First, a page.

The oil legislation now pending in the Iraqi parliament awards foreign oil companies coveted, long-term, 20-35 year contracts of just the sort that neighboring oil-producers have rejected for decades. It also places the Iraqi oil industry under the control of an appointed body that would include representatives of international oil companies as full voting members.
BY JACK MILES
Posted by Bulatlat
Vol. VII, No. 38, October 29-November 3, 2007
The Sovereignty Showdown in Iraq
The oil game in Iraq may be almost up. On September 29th, like a landlord serving notice, the government of Iraq announced that the next annual renewal of the United Nations Security Council mandate for a multinational force in Iraq – the only legal basis for a continuation of the American occupation – will be the last. That was, it seems, the first shoe to fall. The second may be an announcement terminating the little-noticed, but crucial companion Security Council mandate governing the disposition of Iraq’s oil revenues.
By December 31, 2008, according to Foreign Minister Hoshyar Zebari, the government of Iraq intends to have replaced the existing mandate for a multinational security force with a conventional bilateral security agreement with the United States, an agreement of the sort that Washington has with Kuwait, Saudi Arabia, and several other countries in the Middle East. The Security Council has always paired the annual renewal of its mandate for the multinational force with the renewal of a second mandate for the management of Iraqi oil revenues.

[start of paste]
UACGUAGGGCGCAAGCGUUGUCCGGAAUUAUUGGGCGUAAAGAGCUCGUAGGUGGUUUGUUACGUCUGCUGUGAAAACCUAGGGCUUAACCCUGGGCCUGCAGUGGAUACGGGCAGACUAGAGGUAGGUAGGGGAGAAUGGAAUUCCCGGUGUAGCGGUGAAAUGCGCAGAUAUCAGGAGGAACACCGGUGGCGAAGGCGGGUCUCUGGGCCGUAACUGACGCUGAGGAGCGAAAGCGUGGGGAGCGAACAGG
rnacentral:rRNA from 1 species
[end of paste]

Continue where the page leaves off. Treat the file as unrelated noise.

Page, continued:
This happens through the “Development Fund for Iraq,” a kind of escrow account set up by the occupying powers after the overthrow of the Saddam Hussein regime and recognized in 2003 by U.N. Security Council Resolution 1483. The oil game will be up if and when Iraq announces that this mandate, too, will be terminated at a date certain in favor of resource-development agreements that – like the envisioned security agreement – match those of other states in the region.
The game will be up because, as Antonia Juhasz pointed out last March in a New York Times op-ed, “Whose Oil Is It, Anyway?”:
“Iraq’s neighbors Iran, Kuwait and Saudi Arabia have outlawed foreign control over oil development. They all hire international oil companies as contractors to provide specific services as needed, for a limited duration, and without giving the foreign company any direct interest in the oil produced.”
By contrast, the oil legislation now pending in the Iraqi parliament awards foreign oil companies coveted, long-term, 20-35 year contracts of just the sort that neighboring oil-producers have rejected for decades. It also places the Iraqi oil industry under the control of an appointed body that would include representatives of international oil companies as full voting members.